Michael Hutchence, longtime frontman of INXS, was sex on toast. He was a new-wave Jim Morrison. He looked unreal, impossible — an illusion, a mirage. He was so sexy that it repeatedly got him in trouble. You can’t look as good as Michael Hutchence and have a normal life. Hutchence was never a virtuoso singer, but that didn’t matter. He had presence — the confidence and charisma that comes from being impossibly handsome. If he were young today, Hutchence would probably be an Instagram influencer. In the ’80s, Hutchence did what anyone who looked like him in the ’80s would’ve done. He became a rock star.
Hutchence was born in Sydney, and he spent most of his childhood in Hong Kong. (When Hutchence was born, the #1 song in America was Johnny Preston’s “Running Bear.”) Hutchence and family returned to Sydney in time for him to go to high school, and that’s where he met Andrew Farriss, the man who would become the keyboardist, guitarist, and primary songwriter for INXS. For a little while, Hutchence would mess around in a garage with Farriss brothers Andrew, Tim, and Jon. Some other local teenagers got in on it, too.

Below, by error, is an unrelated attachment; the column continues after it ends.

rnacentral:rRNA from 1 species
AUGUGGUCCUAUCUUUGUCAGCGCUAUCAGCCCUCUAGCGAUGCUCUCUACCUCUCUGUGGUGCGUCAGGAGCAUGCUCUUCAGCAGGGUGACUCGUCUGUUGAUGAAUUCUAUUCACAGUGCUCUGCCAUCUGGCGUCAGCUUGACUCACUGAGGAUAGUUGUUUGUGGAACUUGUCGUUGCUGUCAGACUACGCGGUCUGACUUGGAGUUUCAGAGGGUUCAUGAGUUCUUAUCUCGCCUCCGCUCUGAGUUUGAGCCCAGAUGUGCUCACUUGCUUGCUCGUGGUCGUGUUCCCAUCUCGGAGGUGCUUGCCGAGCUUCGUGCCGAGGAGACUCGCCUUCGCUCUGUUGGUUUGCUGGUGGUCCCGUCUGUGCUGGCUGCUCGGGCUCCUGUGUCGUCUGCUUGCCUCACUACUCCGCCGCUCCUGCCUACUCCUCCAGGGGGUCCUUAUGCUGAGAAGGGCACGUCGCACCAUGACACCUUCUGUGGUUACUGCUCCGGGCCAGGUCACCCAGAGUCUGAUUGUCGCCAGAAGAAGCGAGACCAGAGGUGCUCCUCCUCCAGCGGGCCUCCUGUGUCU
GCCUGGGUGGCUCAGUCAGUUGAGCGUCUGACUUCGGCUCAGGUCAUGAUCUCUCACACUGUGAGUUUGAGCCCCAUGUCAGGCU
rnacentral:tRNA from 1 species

It would be a while before the band could gel. In 1976, Hutchence’s parents broke up, and Hutchence went to live with his mother in Los Angeles for a little while. Hutchence came back, but the Farriss parents moved from Sydney to Perth shortly thereafter. Youngest brother Jon was still in high school at that point, so he had to move with them. The other members of the band didn’t want to replace Jon, so they all uprooted themselves and moved to Perth as well. That’s where the band, then known as the Farriss Brothers, first started playing shows.